Super Mario Maker
After spending 30 years perfecting the art of the side-scrolling platformer, the creative minds at Nintendo have decided to hand the game-building keys off to someone else. And believe it or not, that new person is …
Super Mario Maker has two essential components up its game-building and block-jumping sleeve: a place to construct games and a hub where you can play them. As eager as you may be to begin scattering Koopas and Goombas though, it's best to start in the play section where you'll find the "10 Mario Challenge."
This is a section of the game built by Nintendo designers that gives you 10 Mario lives to make it through eight random courses. But these are short, fun challenges that feel very different from your average Mario levels from years gone by. No Mushroom Kingdom to save here. Instead it's a creative mode that lets you unlock building items as you play, as well as giving you a feel for what might be possible if you let your imagination run free.
Sure, you can stack some Goombas yay high with Bowser blowing fireballs at the top, if that's what you want. Craving a series of 20 pipes as wall jumps that lead to a mushroom which allows you to bounce like a spring? Go for it. It all works as a sort of hands-on inspiration section before you actually get to the hands-on instruction.
Kids, Get to Work. Yay!
Once you make it to level-building, it's really much easier than you might expect. First of all, you have a choice of art styles. You can instantly flip between the looks of four different Mario eras, from the original Super Mario Bros. to Super Mario Bros. 3, Super Mario World and New Super Mario U. Then you build.
With the Wii U Pad and its stylus you simply tap a block, pipe, power-up, sound effect, enemy or what-have-you from the onscreen menu and then tap or lay it out on the screen. It's an incredibly intuitive creation tool that, with a simple touch, allows you to extend a pipe or build a pathway of bricks or, say, raise a cannon and instantly rotate it. And you can always go back and rearrange your creation and populate it as you please. Even for a design-deficient sort like myself, it's super (Mario) easy. Youngsters with an eye for art and model building will absolutely have a ball.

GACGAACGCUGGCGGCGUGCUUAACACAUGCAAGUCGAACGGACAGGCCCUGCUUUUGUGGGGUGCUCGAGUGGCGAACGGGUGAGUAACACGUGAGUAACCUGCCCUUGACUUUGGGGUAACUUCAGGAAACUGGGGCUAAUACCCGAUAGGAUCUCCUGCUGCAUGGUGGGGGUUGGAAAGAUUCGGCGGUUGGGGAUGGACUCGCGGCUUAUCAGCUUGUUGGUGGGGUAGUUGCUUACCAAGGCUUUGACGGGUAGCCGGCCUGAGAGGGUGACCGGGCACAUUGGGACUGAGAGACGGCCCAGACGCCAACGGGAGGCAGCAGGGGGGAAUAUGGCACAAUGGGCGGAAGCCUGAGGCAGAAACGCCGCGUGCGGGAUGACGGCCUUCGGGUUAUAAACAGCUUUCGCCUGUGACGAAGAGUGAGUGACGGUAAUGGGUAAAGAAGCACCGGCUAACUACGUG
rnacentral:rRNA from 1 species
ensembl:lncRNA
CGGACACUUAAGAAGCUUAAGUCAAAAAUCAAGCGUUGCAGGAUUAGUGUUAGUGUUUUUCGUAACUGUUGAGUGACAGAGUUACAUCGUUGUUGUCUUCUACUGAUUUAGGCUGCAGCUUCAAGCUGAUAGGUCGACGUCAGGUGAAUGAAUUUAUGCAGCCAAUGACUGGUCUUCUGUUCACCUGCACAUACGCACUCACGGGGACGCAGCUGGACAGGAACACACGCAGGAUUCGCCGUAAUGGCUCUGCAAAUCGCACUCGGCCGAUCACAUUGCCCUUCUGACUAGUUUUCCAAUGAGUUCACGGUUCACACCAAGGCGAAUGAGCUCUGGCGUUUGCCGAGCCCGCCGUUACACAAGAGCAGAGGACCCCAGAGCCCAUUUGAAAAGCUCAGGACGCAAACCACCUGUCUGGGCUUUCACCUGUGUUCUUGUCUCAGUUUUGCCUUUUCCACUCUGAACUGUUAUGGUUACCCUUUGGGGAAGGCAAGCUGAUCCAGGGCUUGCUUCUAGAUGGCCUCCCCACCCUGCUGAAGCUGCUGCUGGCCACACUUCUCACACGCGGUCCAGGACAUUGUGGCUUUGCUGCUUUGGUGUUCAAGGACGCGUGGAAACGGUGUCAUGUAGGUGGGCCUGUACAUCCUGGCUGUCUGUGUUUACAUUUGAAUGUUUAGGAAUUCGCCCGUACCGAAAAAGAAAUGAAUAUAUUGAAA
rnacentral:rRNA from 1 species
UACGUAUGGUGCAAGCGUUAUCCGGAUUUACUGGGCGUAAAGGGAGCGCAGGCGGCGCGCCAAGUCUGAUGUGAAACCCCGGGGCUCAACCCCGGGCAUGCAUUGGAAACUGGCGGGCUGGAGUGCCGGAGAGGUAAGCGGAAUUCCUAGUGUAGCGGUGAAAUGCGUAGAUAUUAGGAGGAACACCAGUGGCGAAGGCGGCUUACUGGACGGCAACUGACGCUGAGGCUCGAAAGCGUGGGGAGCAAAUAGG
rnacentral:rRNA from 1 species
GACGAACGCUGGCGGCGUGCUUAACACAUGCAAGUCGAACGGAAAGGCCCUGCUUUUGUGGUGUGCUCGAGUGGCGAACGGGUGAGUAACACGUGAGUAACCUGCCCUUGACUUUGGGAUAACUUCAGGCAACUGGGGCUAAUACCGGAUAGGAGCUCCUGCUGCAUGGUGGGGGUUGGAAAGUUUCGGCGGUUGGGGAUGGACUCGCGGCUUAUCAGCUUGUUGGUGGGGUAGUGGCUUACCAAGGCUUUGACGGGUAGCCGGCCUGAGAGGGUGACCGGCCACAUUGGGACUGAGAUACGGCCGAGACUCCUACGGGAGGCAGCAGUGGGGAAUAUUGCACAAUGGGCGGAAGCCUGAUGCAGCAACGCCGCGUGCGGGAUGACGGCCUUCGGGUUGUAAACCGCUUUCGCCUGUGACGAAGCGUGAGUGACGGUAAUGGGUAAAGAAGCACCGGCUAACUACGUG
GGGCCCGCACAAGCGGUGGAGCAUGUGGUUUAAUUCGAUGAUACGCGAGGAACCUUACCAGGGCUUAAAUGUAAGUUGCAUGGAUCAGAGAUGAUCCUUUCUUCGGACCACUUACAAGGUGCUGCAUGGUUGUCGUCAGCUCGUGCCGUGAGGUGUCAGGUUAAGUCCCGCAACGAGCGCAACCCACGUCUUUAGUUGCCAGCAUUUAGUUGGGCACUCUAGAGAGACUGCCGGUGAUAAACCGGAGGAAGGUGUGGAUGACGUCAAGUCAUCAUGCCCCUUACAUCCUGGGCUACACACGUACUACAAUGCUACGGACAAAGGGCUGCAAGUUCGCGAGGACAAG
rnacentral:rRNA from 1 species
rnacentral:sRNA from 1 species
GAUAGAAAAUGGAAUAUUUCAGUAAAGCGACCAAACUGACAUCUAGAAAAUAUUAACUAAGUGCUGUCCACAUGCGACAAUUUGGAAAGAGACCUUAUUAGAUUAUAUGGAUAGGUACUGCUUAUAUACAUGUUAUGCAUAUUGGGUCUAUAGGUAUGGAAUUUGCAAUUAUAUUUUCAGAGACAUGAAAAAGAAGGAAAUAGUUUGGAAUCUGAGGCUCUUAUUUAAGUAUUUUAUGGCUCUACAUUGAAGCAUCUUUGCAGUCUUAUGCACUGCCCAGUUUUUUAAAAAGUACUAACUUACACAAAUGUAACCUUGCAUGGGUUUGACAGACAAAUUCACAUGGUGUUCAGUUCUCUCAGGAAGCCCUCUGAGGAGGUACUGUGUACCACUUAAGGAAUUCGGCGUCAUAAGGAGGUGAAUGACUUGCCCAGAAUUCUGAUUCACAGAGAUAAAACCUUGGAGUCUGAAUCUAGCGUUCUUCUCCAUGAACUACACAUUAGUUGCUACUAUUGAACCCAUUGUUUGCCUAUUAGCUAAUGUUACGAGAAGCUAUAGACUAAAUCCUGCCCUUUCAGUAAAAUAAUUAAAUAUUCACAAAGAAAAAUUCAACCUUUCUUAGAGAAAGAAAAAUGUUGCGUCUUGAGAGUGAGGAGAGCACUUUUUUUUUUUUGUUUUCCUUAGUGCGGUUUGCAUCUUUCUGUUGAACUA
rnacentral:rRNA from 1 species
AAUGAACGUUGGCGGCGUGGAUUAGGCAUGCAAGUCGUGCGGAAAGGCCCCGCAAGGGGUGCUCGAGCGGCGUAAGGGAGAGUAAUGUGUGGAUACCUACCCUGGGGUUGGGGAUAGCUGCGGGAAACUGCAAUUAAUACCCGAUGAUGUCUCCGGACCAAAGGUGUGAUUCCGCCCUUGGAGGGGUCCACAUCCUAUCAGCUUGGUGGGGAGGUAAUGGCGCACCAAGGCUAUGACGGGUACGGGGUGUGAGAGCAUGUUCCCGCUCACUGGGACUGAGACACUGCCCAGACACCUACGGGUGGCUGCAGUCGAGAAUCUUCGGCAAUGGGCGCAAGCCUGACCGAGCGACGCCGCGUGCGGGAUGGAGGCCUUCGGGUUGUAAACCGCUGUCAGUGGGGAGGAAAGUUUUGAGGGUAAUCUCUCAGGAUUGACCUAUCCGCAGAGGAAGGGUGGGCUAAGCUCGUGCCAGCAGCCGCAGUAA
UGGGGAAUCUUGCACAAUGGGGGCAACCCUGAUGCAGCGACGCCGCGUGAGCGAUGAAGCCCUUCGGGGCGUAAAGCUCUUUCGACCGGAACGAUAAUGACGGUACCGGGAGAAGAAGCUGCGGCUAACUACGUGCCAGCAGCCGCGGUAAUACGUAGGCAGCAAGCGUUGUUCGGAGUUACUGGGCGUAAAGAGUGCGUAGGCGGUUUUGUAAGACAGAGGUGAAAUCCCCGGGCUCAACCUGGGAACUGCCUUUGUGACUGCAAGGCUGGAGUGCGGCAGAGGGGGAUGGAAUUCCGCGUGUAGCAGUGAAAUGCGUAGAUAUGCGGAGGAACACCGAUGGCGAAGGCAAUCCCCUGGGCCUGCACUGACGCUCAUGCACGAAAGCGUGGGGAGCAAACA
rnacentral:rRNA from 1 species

As you start creating, you come to realize that the game has certain fun secrets hidden away that it wants you to find. Existing elements can be combined to create something new, for instance. And if you grab and shake certain bits with your stylus, they transform. (Example: Shaken green Koopas become red ones.)
Play on Your Own Level
Then comes the real test of the gaming pudding. Once you build a level that you're particularly proud of, you can upload it to the Web for others to enjoy. The game allows you to upload up to 10 of your favorites at first and then more if people like your stuff. You can even keep track of various stats such as how many people played your level, how many completed it, who loved it, etc.
Of course, you can always get in on the platform-leaping fun yourself. Play your own levels, or take the 100 Mario Challenge, which pulls from a pool of user-created stages and gives you the chance to play through 16 of them in a mini-campaign.
There's no messy or nasty content to worry over. The "maker" part of this Mario madness is hermitically sealed to keep out the goofballs who might want to taint it. It's all Mario-approved fun and games; even self-recorded sound effects, which you can use on your own console and could be potentially problematic for others, aren't allowed into the uploads. And if you decide somebody else's level is particularly vexing (or you just hate it), you have the option to easily slip out of it.
It's all so elegantly structured for maximum amusement and adventure, in fact, that by the end of my Mario Time! building adventures, I was left thinking that Super Mario Maker almost feels like a game that should never have been allowed. I mean, what if we all get really good at this stuff? Some Nintendo gamemakers could be out of a job.